This process inspires connection between ideas often forms new ideas. The process is similar to brainstorming in that as you jot down ideas on a piece of paper using words or short phrases. Use different colored pens as ideas seem to suggest themselves in groups. Don’t bother to organize too neatly because that can impede the flow of ideas. Don’t cross anything out because you can’t tell where an idea will lead you. When you get a few ideas written down, start to group them, using colored circles or whatever. Draw linking lines as connections suggest themselves.
PART 2: Three Ideas for Starting to Write
Choose one idea from the cluster and begin writing. Choose the idea you remember most vividly, for example driving your dad’s new car.
Include your five senses — touch, smell, taste, sight, sound and color. When you drove your dad’s new car, how did it feel to get behind the wheel? What did the new car aroma smell like to you? How did the engine sound when you started it? How did people look at you when you drove by? What color was it? Associate colors as you remember them. Stick with colors readers will know, like crimson, scarlet, vermillion, barn red, sage, heather, sea foam, teal, emerald, or spring green. Let the reader see, smell, touch, taste, and hear as you have.
- Recreate the stories and scenes as you remember them. What happened the first day your showed your friends your dad’s new car? Paint a scene for your reader.
PART 3: Five Tips to Enhance Your Writing
Address the five W’s – who, what, when, where, why, and how. Start with the facts to communicate clearly and accurately.
Broaden the topic by moving to the another idea in the cluster.
- Force yourself to keep jotting down memories. Even they don’t seem important or worthwhile. As you’re recalling an event try to remember: What did you see? Where were you? Who was with you? What happened? You may recollect some wonderful anecdotes.
- Record yourself recalling some memories. Talk into a audio and imagine your audience sitting in front of you. Then, transcribe the recorded material using speech-to-text software . This technique will add some new ideas.
- Change the Audience. Pretend your memoir is for a child, a close friend, a parent, a person who disagrees with you, or someone you’ve just met. Changing the audience can clarify your purpose. Changing the audience can also make you feel more comfortable about writing your memoir.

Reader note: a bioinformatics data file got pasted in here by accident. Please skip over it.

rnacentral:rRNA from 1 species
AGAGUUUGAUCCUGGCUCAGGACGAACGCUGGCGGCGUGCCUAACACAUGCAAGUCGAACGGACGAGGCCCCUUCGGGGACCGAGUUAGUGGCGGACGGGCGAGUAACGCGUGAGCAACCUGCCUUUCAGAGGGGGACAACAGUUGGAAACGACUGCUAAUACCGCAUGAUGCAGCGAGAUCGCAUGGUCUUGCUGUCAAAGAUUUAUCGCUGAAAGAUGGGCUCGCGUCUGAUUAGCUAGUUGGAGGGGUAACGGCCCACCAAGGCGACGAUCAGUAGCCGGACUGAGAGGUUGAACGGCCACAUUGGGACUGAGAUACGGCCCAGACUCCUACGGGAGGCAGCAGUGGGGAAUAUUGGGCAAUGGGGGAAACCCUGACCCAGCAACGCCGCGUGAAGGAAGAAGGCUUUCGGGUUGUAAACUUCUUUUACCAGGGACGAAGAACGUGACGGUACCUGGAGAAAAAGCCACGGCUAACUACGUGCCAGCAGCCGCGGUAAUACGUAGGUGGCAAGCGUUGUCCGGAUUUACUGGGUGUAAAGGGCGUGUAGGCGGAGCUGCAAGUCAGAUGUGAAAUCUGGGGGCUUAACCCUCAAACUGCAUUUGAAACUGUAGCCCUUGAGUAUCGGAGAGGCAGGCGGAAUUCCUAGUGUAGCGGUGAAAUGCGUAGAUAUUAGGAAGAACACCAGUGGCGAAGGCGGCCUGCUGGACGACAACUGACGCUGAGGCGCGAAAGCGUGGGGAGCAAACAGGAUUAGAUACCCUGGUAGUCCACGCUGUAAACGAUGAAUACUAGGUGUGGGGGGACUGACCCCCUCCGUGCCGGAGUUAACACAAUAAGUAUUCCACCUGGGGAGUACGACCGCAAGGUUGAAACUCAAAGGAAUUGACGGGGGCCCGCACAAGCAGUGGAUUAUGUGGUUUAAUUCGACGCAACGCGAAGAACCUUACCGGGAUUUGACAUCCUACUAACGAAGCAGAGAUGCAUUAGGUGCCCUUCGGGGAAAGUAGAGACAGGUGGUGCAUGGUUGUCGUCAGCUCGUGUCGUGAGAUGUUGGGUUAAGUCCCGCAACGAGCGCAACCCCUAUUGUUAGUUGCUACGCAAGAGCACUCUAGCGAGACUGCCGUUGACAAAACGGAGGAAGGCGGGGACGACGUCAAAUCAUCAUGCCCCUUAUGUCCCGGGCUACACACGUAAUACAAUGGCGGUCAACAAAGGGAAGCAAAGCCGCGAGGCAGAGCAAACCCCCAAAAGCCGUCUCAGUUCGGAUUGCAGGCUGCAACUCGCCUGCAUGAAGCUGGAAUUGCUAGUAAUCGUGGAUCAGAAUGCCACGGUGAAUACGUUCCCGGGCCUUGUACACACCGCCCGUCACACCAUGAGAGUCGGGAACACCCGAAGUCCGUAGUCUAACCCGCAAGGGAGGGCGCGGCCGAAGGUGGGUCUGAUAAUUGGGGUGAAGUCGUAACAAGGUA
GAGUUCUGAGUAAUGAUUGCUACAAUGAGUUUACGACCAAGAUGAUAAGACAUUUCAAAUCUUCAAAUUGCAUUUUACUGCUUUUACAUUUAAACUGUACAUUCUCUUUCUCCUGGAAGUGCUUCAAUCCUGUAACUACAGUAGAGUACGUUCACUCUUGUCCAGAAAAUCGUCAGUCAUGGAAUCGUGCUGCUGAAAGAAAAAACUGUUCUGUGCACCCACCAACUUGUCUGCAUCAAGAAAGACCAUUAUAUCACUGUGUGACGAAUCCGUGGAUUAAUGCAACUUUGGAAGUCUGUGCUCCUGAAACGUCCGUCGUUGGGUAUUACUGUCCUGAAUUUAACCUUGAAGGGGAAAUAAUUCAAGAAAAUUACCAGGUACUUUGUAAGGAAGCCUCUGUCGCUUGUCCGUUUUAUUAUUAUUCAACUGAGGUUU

PART 4: Four More Tips to Enhance Your Writing
- Play a Role. Pretend you are someone else writing the memoir. For instance, assume you are your friend, a colleague, or a loved one, writing about you. Pulling yourself out of your usual perspective can help you think more about the subject than writing about the subject.
- Freewrite. Choose one memory and jot down some detail about it. Then choose one detail and do it again.
- Write a Letter. Imagine you’re writing a letter telling your closest confidante about your project? Try starting your work “Dear ____” and you might tap into a fountain of lovely, loose conversational prose.
- To embellish ideas, ask yourself: what did I mean by that?
PART 5: Three Important Tips to Enhance Your Writing
- Include some reflections: As a memoirist, rather than simply telling a story from your life, you tell the story and muse upon it, trying to unravel what it means in the light of your current knowledge. The contemporary memoir includes retrospection as an essential part of the story. Your readers will be entertained by the story itself and interested in how, looking back on it, you now understand.
- Create drama. Near the beginning of the story, insert the your goals/direction/decision that results from this opening event. This goal or decision should also push the story forward. Somewhere in the middle of the story, plant a surprise, a complication or a change of direction. You don’t want things to go smoothly, you want more problems to crop up and tension to increase as the story progresses. If possible, show your determination to achieve your life’s ambitions. Keep classic plot lines in mind. For example, many classic stories are about a quest, an adventure, a journey, a contest, a pursuit, or solving a mystery. Make the overall stakes in the plot high. Readers love the idea of a character setting off in pursuit of something that has great importance and/or lasting impact on the lives of the characters.
- Include careful description. Description begins with observing the nuances of life. For example with people, notice personality traits, quirks, gestures, and body movement. Recall conversations, jokes, and quips.The trick is to use description sparingly while still revealing something to the reader. Include only the most significant and compelling information. Don’t go too far and try to capture every aspect. Description should not be an inventory of all the characteristics of each item, person, or place. It’s most effective at its briefest and cleanest, when it sparks the reader’s imagination, but does not provide an exact portrait. Inspire readers with details they have never read before. Write in precise terms. Use vivid language to create word pictures or minimovies in your reader’s imagination. Use specific nouns — castle, giant, dwarf, Cyclops. Use active, exciting verbs, especially those that sound like their meaning such as: thump, whack, bang, whiz, crash, crunch, plop, sizzle, pop, slam, whir, pop, twirl, mince.
Watch for the next post in this series.